When Donald Trump said he'd declare a national emergency to tap into $8 billion to build his border wall on Friday, the announcement was rambling and bizarre — even for him.
During his off-the-cuff and meandering press conference in the White House Rose Garden, Trump's usual fear-mongering about immigrants took center stage. He rattled off an array of bizarre statements and falsehoods about the U.S. southern border, which he said was under "invasion." But the president also touched on a number of other odd points and even appeared to mimic Chinese President Xi Jinping's accent when quoting him.
Here’s a (non-exhaustive) list of the many outlandish things Trump said in his announcement.
Trump said the U.S. is under “invasion”
On several occasions during the press conference, Trump said that the U.S. was under invasion at its southern border.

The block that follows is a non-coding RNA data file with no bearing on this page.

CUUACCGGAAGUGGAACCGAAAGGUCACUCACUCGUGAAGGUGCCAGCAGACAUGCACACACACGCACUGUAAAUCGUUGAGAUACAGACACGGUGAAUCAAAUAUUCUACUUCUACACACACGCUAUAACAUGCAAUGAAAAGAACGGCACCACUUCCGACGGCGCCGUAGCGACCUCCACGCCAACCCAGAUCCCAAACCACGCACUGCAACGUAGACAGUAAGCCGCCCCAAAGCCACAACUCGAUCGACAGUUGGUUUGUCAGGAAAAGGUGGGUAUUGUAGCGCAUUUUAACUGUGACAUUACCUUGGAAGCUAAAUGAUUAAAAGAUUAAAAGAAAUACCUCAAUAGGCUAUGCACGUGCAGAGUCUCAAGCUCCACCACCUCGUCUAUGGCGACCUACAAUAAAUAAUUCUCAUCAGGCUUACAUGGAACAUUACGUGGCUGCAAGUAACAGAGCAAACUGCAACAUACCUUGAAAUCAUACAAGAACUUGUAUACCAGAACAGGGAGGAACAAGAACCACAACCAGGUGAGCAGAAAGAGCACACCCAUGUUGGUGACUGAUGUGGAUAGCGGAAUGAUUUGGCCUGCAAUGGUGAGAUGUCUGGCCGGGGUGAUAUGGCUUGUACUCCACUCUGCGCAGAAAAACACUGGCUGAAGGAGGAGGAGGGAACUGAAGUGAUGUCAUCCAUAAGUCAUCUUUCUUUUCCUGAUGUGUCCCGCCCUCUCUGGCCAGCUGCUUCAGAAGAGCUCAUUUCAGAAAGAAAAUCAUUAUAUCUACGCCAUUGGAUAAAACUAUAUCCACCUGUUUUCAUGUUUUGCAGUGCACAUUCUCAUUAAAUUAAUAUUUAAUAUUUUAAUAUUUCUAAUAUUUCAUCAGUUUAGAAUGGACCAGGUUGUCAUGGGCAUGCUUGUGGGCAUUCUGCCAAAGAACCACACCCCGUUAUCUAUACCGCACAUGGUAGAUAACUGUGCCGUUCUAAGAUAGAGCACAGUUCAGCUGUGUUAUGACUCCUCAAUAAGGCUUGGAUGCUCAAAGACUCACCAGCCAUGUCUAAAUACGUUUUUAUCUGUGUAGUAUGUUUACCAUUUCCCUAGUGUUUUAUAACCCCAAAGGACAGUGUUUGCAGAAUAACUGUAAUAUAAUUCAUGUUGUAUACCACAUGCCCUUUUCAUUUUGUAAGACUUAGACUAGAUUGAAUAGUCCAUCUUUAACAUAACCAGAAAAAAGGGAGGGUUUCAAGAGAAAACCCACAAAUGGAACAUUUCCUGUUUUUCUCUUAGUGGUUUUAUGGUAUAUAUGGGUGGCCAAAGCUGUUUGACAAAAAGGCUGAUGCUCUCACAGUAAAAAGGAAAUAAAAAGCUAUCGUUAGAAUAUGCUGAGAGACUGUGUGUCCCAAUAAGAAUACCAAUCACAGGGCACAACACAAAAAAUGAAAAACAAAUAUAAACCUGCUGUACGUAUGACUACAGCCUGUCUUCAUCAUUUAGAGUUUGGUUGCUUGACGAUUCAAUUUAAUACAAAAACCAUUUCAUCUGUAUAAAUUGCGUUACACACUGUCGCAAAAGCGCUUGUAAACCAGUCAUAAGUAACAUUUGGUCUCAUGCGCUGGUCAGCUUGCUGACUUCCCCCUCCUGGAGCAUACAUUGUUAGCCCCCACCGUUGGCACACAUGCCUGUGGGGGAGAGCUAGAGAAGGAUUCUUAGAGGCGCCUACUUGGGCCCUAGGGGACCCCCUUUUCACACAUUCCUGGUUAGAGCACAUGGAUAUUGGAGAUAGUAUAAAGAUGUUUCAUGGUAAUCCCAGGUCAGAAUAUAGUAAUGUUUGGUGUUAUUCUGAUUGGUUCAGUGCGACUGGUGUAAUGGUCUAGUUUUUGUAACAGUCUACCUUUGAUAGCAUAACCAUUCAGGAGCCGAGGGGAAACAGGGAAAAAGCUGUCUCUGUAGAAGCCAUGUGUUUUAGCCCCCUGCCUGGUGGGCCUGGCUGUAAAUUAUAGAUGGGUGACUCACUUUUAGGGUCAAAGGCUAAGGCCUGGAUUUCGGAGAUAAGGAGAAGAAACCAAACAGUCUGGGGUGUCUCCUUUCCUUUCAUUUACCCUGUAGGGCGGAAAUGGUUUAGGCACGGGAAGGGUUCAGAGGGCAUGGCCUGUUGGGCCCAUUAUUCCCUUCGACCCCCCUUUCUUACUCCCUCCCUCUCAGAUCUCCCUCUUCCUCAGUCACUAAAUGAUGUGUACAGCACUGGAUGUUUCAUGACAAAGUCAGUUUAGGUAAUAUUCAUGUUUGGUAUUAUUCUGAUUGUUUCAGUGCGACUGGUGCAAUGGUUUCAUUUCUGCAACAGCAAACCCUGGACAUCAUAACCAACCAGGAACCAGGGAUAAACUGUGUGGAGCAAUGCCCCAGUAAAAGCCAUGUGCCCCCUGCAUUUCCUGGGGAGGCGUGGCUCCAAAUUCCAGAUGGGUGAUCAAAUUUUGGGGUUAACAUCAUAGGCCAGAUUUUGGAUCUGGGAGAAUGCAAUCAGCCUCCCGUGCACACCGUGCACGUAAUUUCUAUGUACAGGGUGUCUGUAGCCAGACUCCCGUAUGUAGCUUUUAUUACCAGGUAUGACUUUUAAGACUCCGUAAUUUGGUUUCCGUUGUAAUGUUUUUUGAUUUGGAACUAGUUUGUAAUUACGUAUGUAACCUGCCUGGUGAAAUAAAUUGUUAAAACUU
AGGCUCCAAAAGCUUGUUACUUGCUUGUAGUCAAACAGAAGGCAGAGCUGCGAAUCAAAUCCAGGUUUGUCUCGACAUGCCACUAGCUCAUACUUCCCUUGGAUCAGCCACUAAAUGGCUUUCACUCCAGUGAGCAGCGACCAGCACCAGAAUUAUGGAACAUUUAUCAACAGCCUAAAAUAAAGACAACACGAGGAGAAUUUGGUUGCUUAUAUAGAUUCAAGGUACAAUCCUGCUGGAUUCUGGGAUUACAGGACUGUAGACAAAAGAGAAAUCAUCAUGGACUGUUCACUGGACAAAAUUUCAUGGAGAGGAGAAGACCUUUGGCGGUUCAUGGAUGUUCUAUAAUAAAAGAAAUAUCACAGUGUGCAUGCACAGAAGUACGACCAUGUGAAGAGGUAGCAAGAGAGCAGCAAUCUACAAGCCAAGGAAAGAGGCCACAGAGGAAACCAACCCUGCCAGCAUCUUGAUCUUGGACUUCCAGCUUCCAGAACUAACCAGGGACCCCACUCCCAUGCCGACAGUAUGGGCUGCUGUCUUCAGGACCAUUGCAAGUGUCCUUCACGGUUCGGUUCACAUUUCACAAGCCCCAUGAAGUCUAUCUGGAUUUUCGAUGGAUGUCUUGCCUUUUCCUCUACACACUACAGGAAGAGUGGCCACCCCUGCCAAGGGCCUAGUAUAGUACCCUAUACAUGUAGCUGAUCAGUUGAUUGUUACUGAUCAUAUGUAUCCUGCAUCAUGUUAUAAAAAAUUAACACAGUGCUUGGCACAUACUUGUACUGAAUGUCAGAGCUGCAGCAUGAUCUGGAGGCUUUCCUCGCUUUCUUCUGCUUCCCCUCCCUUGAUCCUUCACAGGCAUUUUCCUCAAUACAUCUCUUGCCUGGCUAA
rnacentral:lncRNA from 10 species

"Invasion of drugs, invasion of gangs, invasion of people,” Trump said. “And it's unacceptable.”
The facts show that illegal border crossings are at their lowest point in decades: In 2017, law enforcement reported the fewest amount of arrests of people trying to cross illegally into the U.S. since 1971.
Trump said he didn’t even need to declare a national emergency
Although he did, in fact, declare a national emergency, Trump said he didn’t even have to — he just felt like it.
“I didn't need to do this,” Trump said.
Except he did: Congress’ spending deal offered Trump just $1.37 billion for his wall, far short of the $5.7 billion he originally asked for and the $8 billion in total he can access with the emergency declaration.
Senate Minority Leader Chuck Schumer, seeing an obvious opening to poke holes in Trump’s legal case for the emergency declaration, quickly latched onto this quote.
Trump sort of sang about all the legal challenges he’ll face
Just moments after Trump announced he would sign an executive order to declare a state of emergency, he also admitted that he knew he’d be sued. The president adopted a sing-song cadence as he listed out a series of legal procedural steps that will likely happen.